I only point this out for the sake of accuracy because poor or rich, every country has its own kind of wealth, and as you pointed out in your post, even the poorer part of Portugal, the Alentejo, has its charms and little treasures.

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  6. Oh for a bread oven in my living room. Really lovely post, Kerstin - I'm going to try that bread/olive oil/sugar combination as soon as my next loaf of sourdough is baked.

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    1. Thanks Michelle. I know how fab is that oven. My parents had an old cottage in France in my childhood and we had an oven like that attached to the fireplace. We never used it though, we didn't know how to.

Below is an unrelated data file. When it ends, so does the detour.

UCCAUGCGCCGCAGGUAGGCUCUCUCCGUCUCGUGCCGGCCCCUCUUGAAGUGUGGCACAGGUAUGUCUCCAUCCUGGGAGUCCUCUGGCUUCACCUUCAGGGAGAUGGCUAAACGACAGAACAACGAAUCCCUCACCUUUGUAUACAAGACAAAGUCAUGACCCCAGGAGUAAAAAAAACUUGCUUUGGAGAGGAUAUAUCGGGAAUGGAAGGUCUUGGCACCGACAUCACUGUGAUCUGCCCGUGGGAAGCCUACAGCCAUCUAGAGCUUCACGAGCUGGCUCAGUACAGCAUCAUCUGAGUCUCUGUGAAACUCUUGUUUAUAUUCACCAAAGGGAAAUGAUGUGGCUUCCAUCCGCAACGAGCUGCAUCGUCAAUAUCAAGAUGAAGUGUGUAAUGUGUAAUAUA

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  7. What a lovely post, brings me good memories of Portugal when I was there. As an Anglo-Brazilian living in Brazil, I am very fond of Portugal. I felt incredibly at home in Portugal due to the shared heritage between Portugal and Brazil, everything seemed so familiar. Mario is right in saying that Brazil is poorer than Portugal. I live here and have so for most of my life. Not only are we poorer, but Brazil is now NOT booming, contrary to what the media is putting out. Our government is criplingly corrupt, violence is rife, education is pathetic and access to health is severely limited. Don`t let the propaganda fool you. Brazilians are fed up with the injustice and principally, by all the opportunities missed by the govenment to ameliorate life for Brazilians. Yet somehow, in spite of our predicaments and appaling circumstances, we carry on as we can with as much patience and good humour as we may afford. The truth is that Brazil has always been neglected. By the Portuguese when they ruled, and then by the Brazilian elite after independence from Portugal (we then became an empire ruled by the decendents of the Portuguese Royal Family for 67 years almost until the 20th century). Proclamation of the republic made things worse, as only in Brazil could the monarchy have been overthrown for being too liberal! We have unfortunately inherited a 16th century colonialist mindset in which the riches of this vast land are seen as plunder by the few civil servants who happen to be in power. Sorry about the rant! Love your blog, and I hold on to a small pot of Marmite (we can`t get it in Brazil) which I sparingly and cerimoniously use as a treat on special days on toast until some saint brings me one more dose from a trip to England. Thanks for bringing me English and European culture every week!